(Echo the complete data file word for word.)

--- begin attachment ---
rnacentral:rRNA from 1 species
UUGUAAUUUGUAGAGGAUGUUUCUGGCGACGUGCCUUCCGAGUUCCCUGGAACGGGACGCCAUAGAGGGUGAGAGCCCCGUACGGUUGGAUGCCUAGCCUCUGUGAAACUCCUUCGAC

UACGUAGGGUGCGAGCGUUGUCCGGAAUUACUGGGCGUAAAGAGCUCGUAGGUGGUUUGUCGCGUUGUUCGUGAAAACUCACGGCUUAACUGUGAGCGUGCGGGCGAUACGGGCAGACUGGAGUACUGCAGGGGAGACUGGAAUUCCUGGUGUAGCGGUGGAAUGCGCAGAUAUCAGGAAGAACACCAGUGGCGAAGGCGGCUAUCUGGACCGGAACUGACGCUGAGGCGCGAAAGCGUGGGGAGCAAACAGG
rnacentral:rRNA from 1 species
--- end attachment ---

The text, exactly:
rnacentral:rRNA from 1 species
UUGUAAUUUGUAGAGGAUGUUUCUGGCGACGUGCCUUCCGAGUUCCCUGGAACGGGACGCCAUAGAGGGUGAGAGCCCCGUACGGUUGGAUGCCUAGCCUCUGUGAAACUCCUUCGAC

UACGUAGGGUGCGAGCGUUGUCCGGAAUUACUGGGCGUAAAGAGCUCGUAGGUGGUUUGUCGCGUUGUUCGUGAAAACUCACGGCUUAACUGUGAGCGUGCGGGCGAUACGGGCAGACUGGAGUACUGCAGGGGAGACUGGAAUUCCUGGUGUAGCGGUGGAAUGCGCAGAUAUCAGGAAGAACACCAGUGGCGAAGGCGGCUAUCUGGACCGGAACUGACGCUGAGGCGCGAAAGCGUGGGGAGCAAACAGG
rnacentral:rRNA from 1 species